Epson Home Cinema 3010e Home Theater Projector Review
Epson Home Cinema 3010 Sharpness
The Home Cinema 3010 performs very well for a lower cost home projector. Optics seem better than on many less expensive projectors, and convergence of the panels seems to be typical for an Epson 3LCD projector, regardless of the price. In addition to our playstation logo image below, I’ve left some menus on a number of images we took, and those menus also help get a close look at sharpness, when you click for the larger version.
I don’t believe anyone will have any issues regarding the sharpness. I also note, that I didn’t notice any defocusing as the projector warms up.
Top left: Epson Home Cinema 3010, Top Center – Optoma HD33, Top Right – Mitsubishi HC4000.
2nd row left: Panasonic PT-AE4000, center: Viewsonic Pro8200, Right: BenQ W1200
Epson Home Cinema 3010: Bottom Line Sharpness
The Home Cinema 3010 sure looks good to me. The new, less expensive lens, with less zoom range, seems every bit as sharp as the lens used on the more expensive Epsons. A good single chip DLP projector can do better, but down in these price ranges, you don’t always get the best from DLP projectors. Consider the Optoma HD33 – the most direct competition to date – whose optics seem to bloom a bit, compared to the Epson. The HD33 may be a single chip DLP projector, but the Epson overall appears to the the sharper, clearer picture, even with the usual minor misconvergence of pixels.
Small amounts of light are visible in the front vents. However, the projector throws no significant light out those vents. Not an issue. No ambient light outside the projected area coming through the lens (sometimes a minor issue).
Take your pick. 2D, as with almost all projectors is rather clean. Let’s put it this way, any image noise you are likely to see, is less than the noise of compression when watching HDTV content. Standard background noises are not as noticeable as with a typical DLP projector (which is the most direct conpetition). 3D is really good. It seems cleaner than several higher priced projectors. Consider, though this is an entry level 3D capable projector, and in that sense, 3D related noise, be it crosstalk, etc. should be treated as a non-issue, considering it rivals easily first gen 3D projectors (most still shipping) costing 5x more.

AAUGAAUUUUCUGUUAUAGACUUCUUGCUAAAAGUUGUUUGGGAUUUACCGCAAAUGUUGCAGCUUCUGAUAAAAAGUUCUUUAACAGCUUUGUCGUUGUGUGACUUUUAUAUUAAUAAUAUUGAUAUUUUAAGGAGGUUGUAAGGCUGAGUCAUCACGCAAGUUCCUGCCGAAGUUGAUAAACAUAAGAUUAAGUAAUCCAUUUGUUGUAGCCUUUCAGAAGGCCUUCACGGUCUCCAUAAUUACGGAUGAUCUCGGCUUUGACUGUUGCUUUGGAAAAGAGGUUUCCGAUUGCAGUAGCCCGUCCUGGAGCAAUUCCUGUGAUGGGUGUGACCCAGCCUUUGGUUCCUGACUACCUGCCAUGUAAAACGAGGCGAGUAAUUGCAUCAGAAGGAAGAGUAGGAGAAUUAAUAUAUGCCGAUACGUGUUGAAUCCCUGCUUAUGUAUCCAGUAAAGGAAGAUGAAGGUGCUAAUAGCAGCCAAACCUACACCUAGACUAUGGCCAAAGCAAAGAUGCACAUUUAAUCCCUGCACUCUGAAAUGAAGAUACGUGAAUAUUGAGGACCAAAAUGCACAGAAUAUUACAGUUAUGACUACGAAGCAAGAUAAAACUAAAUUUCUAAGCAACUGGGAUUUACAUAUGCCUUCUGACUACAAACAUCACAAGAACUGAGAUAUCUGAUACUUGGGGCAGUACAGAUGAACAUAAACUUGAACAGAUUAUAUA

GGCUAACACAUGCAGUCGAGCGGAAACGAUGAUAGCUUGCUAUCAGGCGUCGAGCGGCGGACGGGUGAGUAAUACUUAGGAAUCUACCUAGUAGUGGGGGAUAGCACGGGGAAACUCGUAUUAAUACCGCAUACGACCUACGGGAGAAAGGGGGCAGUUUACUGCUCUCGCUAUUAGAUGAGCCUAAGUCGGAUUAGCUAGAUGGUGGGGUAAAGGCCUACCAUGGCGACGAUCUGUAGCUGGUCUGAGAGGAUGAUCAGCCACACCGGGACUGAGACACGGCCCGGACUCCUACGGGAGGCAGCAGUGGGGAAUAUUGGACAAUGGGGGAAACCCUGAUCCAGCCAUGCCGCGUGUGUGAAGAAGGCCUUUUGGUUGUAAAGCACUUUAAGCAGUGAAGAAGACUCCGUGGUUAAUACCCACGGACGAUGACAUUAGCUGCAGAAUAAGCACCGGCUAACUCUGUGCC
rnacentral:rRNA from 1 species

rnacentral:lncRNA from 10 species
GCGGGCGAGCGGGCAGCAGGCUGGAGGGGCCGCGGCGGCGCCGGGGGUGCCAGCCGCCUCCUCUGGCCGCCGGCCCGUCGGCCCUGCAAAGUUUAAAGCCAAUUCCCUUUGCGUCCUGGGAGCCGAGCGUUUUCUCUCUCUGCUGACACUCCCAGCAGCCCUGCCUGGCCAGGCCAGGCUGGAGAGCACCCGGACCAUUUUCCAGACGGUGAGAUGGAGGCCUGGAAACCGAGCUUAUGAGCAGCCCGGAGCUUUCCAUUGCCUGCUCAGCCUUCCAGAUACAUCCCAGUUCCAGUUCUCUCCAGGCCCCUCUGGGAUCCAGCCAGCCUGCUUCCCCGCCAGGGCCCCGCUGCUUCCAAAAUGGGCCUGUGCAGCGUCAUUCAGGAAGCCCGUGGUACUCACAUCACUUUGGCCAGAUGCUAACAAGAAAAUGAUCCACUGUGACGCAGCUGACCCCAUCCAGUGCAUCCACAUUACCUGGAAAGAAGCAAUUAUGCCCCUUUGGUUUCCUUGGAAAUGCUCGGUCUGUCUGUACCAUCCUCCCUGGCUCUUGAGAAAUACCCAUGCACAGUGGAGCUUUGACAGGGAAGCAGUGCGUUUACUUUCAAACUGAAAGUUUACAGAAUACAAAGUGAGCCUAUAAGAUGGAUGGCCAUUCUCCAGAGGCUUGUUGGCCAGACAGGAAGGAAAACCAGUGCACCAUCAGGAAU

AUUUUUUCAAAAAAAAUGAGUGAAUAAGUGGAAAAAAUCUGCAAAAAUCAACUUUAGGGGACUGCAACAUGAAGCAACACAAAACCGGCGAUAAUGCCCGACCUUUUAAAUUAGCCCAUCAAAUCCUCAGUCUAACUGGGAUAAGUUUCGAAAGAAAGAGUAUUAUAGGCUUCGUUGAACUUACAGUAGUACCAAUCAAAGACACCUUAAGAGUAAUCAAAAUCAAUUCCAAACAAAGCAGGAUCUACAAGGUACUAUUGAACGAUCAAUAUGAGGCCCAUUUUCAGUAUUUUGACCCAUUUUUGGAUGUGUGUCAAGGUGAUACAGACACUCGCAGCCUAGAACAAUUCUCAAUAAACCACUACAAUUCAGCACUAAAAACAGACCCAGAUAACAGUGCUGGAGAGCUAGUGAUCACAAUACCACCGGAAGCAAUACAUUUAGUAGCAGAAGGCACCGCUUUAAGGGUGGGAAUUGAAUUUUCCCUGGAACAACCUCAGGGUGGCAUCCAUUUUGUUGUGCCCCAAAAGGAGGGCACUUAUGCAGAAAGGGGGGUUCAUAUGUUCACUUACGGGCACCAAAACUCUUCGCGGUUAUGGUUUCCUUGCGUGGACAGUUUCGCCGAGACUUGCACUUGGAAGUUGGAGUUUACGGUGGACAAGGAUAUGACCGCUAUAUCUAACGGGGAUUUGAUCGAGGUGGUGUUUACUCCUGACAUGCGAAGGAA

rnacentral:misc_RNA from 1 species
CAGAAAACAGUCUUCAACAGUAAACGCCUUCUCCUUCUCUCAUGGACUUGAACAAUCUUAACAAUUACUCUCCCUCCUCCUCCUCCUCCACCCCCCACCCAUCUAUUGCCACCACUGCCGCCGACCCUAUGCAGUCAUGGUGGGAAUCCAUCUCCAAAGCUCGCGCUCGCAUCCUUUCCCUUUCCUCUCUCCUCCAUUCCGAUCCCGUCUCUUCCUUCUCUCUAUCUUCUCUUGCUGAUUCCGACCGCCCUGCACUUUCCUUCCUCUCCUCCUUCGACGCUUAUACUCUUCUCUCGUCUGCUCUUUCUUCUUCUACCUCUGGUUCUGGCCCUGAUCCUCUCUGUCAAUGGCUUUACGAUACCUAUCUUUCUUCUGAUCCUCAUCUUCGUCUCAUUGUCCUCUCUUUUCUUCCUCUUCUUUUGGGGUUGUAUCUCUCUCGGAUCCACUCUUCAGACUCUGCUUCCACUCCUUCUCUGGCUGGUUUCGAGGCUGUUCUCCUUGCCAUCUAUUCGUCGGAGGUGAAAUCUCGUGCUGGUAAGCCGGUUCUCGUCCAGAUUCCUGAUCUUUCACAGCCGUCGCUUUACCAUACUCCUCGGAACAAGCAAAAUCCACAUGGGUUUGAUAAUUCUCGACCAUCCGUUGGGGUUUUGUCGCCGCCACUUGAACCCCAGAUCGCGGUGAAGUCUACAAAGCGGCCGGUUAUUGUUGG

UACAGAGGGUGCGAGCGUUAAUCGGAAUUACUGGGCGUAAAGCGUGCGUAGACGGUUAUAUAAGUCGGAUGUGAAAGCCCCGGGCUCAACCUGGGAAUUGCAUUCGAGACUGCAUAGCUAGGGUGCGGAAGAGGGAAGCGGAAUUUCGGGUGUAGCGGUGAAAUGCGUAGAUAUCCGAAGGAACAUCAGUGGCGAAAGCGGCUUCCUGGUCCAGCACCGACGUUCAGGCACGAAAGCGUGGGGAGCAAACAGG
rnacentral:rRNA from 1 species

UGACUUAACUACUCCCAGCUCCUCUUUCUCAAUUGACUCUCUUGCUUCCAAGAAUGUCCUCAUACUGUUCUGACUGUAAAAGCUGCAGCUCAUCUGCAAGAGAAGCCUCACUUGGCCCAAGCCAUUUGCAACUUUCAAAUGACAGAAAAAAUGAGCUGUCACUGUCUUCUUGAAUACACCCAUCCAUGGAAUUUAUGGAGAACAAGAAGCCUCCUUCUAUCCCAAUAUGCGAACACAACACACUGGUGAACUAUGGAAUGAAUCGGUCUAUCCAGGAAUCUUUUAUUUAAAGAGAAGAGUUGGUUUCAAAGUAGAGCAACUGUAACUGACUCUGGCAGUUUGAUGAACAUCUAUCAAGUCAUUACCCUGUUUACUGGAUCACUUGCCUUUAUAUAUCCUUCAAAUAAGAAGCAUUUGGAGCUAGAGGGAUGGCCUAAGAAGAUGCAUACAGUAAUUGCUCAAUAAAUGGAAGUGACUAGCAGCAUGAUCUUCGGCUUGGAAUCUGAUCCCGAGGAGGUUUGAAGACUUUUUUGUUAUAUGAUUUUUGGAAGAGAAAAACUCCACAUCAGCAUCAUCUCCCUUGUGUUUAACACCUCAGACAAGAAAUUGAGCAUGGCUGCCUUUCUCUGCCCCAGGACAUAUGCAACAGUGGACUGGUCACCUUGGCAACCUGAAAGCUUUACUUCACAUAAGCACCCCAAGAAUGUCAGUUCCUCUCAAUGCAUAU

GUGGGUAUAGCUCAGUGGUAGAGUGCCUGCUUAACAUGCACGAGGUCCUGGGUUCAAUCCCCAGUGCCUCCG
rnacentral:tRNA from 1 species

Definitely this Epson family room projector can make a bit of fan noise with lamp on full power, but really no more than the competiton. Cut it to low power, and the Home Cinema 3010 becomes relatively silent, with a claimed 24 db, far quieter than most dedicated home theater projectors at full power, and as quite as many of them even in eco mode.
When the Epson is cranking out lumens in full power, Epson says 32 db audible noise, which is fairly typical of competing (mostly) DLP projectors, and a touch noisier than Epson’s own 8350 and 8700UB models. Considering that you will probably be watching movies in low power (other than 3D), no issues there, and even if you run at full power, it’s in line with competing Optoma brand and other DLP projectors. For example, the most direct competition, the Optoma HD33, is similarly noisy when both are at full power, but the Epson is brighter at low power, than the Optoma at full power!
I currently have two Home Cinema 3010 projectors here, the first an engineering sample I received a few weeks ago, the second one, a far more finished projector. That first unit raised some concern. It had a dynamic iris that as physically rather noisy when operating, “clickity, clackity” at times. I immediately noted that to Epson, that it seemed loud enough to be a problem for many folks.
Even at that time, they assured me that they were aware, and that the production projectors would be far quieter in this regard. As it turned out, they were dead on. The iris on the second unit still clicks and clacks, but not near as often, and far, far softer. I definitely don’t think the iris, behaving as the production units should, is even any noisier than the rumbly iris of the Epson 8700UB and the UB’s before it.
The soft occasional “clickity” you might hear from a few feet away with the sound off, is certainly going to get lost with the slightest audio, be it talking or music, never mind “action” sequences. I’m sure there will still be a few who are bothered by it, as there are for almost every projector, but, certainly, for a family room type projector, Epson has reduced it to a non-issue.
In other words, this Epson is definitely about as quiet as anything else out there targeted for family rooms, etc., and is actually about as quiet as the average (not the most expensive) DLP projectors designed for dedicated home theaters. This Epson is going to be slightly noisier than the average LCD projector targeted for dedicated rooms..
Bottom line: Lots of lumens, but very respectable noise levels. Normally very high brightness projectors have hotter lamps, and need bigger/louder fans. All considered, a real good job.
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